Larry Tyler, who as a retired banking commercial loan officer is now a KCT trustee says that in Kingdom economics there is a free flow between receiving and giving without blockages caused by hoarding.
“However, philanthropy is not only about giving, because the ability to give is dependent on the ability to receive. You can’t give what you have not already received,” he adds.
Tyler, who through KCT helps Christian business owners be more productive, efficient and successful using a mindset of giving and sharing, says God has placed a desire in each of us to help bring His Kingdom in heaven to earth.
“My passion is to teach business people Kingdom economic principles to live by and improve their businesses.
“One of the biggest issues for businesses is the difficulty to obtain capital, especially for small businesses and start-ups. I work with KCT to help businesses position themselves to attract the capital they need to both grow their business and serve God’s Kingdom.
“KCT is a bridge between individual Christians, who have businesses or projects, with capital providers, especially those with a Kingdom mindset,” explains Tyler.
He says unfortunately many Christian business owners merely invest their money in the stock market, but they need to ask themselves the question: how is that money going to be used to serve the Kingdom?
“KCT brings together those with resources, whether they are financial, intellectual or skills, with those that need resources,” says Tyler adding that people who would like to contribute to Kingdom philanthropy need not be rich as money is not the only resource needed; people can also give of their time, skills, intellect and experience to those who need such valuable resources.
Collier agrees with Tyler saying that to be a philanthropist one does not have to be financially wealthy, but spiritually mature.
“You simply cannot give what you do not have. Everything is spiritual. But if one does not see in the spirit, one might think they have nothing to give (many afflicted with the deception of mammon fall into this category).
“Therefore, it helps to already have knowledge of one’s inheritance through Christ Jesus as a son of God, and strong account balance of social-relational wealth, especially if one is to have leadership affluence,” says Collier.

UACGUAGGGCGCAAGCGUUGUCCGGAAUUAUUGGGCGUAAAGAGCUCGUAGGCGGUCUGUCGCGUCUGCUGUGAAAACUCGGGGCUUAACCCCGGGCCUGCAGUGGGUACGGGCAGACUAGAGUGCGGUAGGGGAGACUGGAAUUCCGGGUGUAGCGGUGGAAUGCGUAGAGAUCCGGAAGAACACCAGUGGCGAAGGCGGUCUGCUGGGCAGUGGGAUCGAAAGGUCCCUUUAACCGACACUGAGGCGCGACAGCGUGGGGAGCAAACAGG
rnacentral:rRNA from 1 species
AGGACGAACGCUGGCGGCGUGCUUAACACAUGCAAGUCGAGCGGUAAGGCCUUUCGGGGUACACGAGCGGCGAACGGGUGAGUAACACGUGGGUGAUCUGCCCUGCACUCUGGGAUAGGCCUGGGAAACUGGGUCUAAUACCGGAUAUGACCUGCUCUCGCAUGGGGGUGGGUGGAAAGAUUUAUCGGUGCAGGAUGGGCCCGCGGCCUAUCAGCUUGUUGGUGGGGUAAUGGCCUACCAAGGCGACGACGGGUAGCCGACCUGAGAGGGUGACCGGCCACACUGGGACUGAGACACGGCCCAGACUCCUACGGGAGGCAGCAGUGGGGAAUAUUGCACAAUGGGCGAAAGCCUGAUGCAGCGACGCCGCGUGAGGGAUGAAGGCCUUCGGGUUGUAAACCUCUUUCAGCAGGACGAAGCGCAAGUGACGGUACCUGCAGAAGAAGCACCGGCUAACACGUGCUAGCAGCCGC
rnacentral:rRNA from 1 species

After much research, KCT has found tools and assessments to predict compatibility between those in the position to give resources and those whose desire it is to receive resources, which will lead to more satisfying relationships and opportunities with long-term success as well as help discern what the relationship is best suited to accomplish, he says.
Guenther Hess, a prayer counsellor at KCT, explains that to optimise the probability of long-term success KCT believes relationships are the currency of the Kingdom and focuses on connecting equally-yoked relationships and strategic philanthropy opportunities. KCT relationships span more than 50 countries.
Tyler says KCT’s success is founded on: the love of God; giving and receiving for Kingdom purpose; promoting and developing compatible relationships; being dependent on God and led by His Holy Spirit for all accomplishment; and prayer undergirding all operations.
“As was the case with Nehemiah, prayer is the ‘point of beginning’ that gives context and relevance to all other things in KCT’s activities,” confirms Collier.
“If God’s not in it, we labour in vain. The Book of Nehemiah is the blueprint of our most foundational KCT organizational relationships,” he adds.
Commenting on how successful KCT is, Collier points out that the organisation cannot by any worldly measure define success in what it does, but it does have the victory in Christ!
“Instead of success, for example, around here, we aim for significance … is what we are doing really significant? Is it worth dying for? Is it worth remembering for generations?
“Would it matter to most if we changed the global banking system, how countries measured GDP or established accounting standards? Would it matter if, by using innovative technology, we could eliminate ‘waste water’ as a term from the dictionary? What is it to have success in this world but lose our significance in eternity?
“KCT functions like the Apostle James’ first rendition of the inaugural Kingdom Family Office, all resources dedicated to the Kingdom.
“In the process of the Lord refining KCT, several methods have been perfected by which individuals and organizations can attract development resources and redeem capital (legal tender for lawful money) without selling equity, debt, credit, or personal guarantees.
“Our mission is the Great Commission … making disciples of nations such that they willingly follow. We’re not done yet.
“KCT is successful, because we are about our Father’s business … and love it,” enthuses Collier!